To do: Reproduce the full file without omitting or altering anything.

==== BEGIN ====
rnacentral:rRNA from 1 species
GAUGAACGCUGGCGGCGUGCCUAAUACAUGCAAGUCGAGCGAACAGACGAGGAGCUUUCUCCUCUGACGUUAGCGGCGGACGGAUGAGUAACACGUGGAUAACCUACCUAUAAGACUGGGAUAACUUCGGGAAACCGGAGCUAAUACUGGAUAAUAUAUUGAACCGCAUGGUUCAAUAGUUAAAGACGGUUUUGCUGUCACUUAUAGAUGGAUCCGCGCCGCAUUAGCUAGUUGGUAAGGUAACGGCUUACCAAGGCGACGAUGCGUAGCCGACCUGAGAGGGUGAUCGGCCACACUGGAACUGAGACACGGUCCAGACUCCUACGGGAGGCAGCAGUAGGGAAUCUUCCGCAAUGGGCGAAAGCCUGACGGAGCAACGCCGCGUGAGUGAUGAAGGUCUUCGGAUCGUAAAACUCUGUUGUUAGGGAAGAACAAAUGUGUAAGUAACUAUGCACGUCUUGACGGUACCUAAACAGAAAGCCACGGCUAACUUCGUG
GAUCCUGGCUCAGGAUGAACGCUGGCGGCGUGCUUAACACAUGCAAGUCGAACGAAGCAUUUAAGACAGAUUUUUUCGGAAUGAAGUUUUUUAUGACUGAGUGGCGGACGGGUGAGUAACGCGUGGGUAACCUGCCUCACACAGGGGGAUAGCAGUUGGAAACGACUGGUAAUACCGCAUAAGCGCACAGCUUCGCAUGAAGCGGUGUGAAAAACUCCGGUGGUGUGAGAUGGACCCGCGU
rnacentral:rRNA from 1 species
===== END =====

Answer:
rnacentral:rRNA from 1 species
GAUGAACGCUGGCGGCGUGCCUAAUACAUGCAAGUCGAGCGAACAGACGAGGAGCUUUCUCCUCUGACGUUAGCGGCGGACGGAUGAGUAACACGUGGAUAACCUACCUAUAAGACUGGGAUAACUUCGGGAAACCGGAGCUAAUACUGGAUAAUAUAUUGAACCGCAUGGUUCAAUAGUUAAAGACGGUUUUGCUGUCACUUAUAGAUGGAUCCGCGCCGCAUUAGCUAGUUGGUAAGGUAACGGCUUACCAAGGCGACGAUGCGUAGCCGACCUGAGAGGGUGAUCGGCCACACUGGAACUGAGACACGGUCCAGACUCCUACGGGAGGCAGCAGUAGGGAAUCUUCCGCAAUGGGCGAAAGCCUGACGGAGCAACGCCGCGUGAGUGAUGAAGGUCUUCGGAUCGUAAAACUCUGUUGUUAGGGAAGAACAAAUGUGUAAGUAACUAUGCACGUCUUGACGGUACCUAAACAGAAAGCCACGGCUAACUUCGUG
GAUCCUGGCUCAGGAUGAACGCUGGCGGCGUGCUUAACACAUGCAAGUCGAACGAAGCAUUUAAGACAGAUUUUUUCGGAAUGAAGUUUUUUAUGACUGAGUGGCGGACGGGUGAGUAACGCGUGGGUAACCUGCCUCACACAGGGGGAUAGCAGUUGGAAACGACUGGUAAUACCGCAUAAGCGCACAGCUUCGCAUGAAGCGGUGUGAAAAACUCCGGUGGUGUGAGAUGGACCCGCGU
rnacentral:rRNA from 1 species